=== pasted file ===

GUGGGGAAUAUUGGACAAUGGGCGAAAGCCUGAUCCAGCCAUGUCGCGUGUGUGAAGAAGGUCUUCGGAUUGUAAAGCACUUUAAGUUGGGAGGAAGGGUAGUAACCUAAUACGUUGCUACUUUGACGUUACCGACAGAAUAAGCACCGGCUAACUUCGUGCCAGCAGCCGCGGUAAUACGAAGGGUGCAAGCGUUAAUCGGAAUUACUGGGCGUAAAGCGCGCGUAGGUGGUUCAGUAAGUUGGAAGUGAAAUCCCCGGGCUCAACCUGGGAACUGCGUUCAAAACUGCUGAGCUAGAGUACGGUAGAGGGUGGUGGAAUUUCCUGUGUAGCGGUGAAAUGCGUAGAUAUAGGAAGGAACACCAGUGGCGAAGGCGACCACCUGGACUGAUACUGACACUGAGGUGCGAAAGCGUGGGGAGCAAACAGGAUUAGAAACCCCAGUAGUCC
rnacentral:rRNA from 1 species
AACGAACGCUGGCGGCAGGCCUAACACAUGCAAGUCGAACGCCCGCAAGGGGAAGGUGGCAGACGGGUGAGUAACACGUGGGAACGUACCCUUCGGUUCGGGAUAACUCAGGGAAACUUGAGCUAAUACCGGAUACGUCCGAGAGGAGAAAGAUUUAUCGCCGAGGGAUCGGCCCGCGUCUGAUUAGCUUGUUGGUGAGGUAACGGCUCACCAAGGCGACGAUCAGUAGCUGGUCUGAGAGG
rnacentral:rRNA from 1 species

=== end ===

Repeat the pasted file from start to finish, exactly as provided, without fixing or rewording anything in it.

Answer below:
GUGGGGAAUAUUGGACAAUGGGCGAAAGCCUGAUCCAGCCAUGUCGCGUGUGUGAAGAAGGUCUUCGGAUUGUAAAGCACUUUAAGUUGGGAGGAAGGGUAGUAACCUAAUACGUUGCUACUUUGACGUUACCGACAGAAUAAGCACCGGCUAACUUCGUGCCAGCAGCCGCGGUAAUACGAAGGGUGCAAGCGUUAAUCGGAAUUACUGGGCGUAAAGCGCGCGUAGGUGGUUCAGUAAGUUGGAAGUGAAAUCCCCGGGCUCAACCUGGGAACUGCGUUCAAAACUGCUGAGCUAGAGUACGGUAGAGGGUGGUGGAAUUUCCUGUGUAGCGGUGAAAUGCGUAGAUAUAGGAAGGAACACCAGUGGCGAAGGCGACCACCUGGACUGAUACUGACACUGAGGUGCGAAAGCGUGGGGAGCAAACAGGAUUAGAAACCCCAGUAGUCC
rnacentral:rRNA from 1 species
AACGAACGCUGGCGGCAGGCCUAACACAUGCAAGUCGAACGCCCGCAAGGGGAAGGUGGCAGACGGGUGAGUAACACGUGGGAACGUACCCUUCGGUUCGGGAUAACUCAGGGAAACUUGAGCUAAUACCGGAUACGUCCGAGAGGAGAAAGAUUUAUCGCCGAGGGAUCGGCCCGCGUCUGAUUAGCUUGUUGGUGAGGUAACGGCUCACCAAGGCGACGAUCAGUAGCUGGUCUGAGAGG
rnacentral:rRNA from 1 species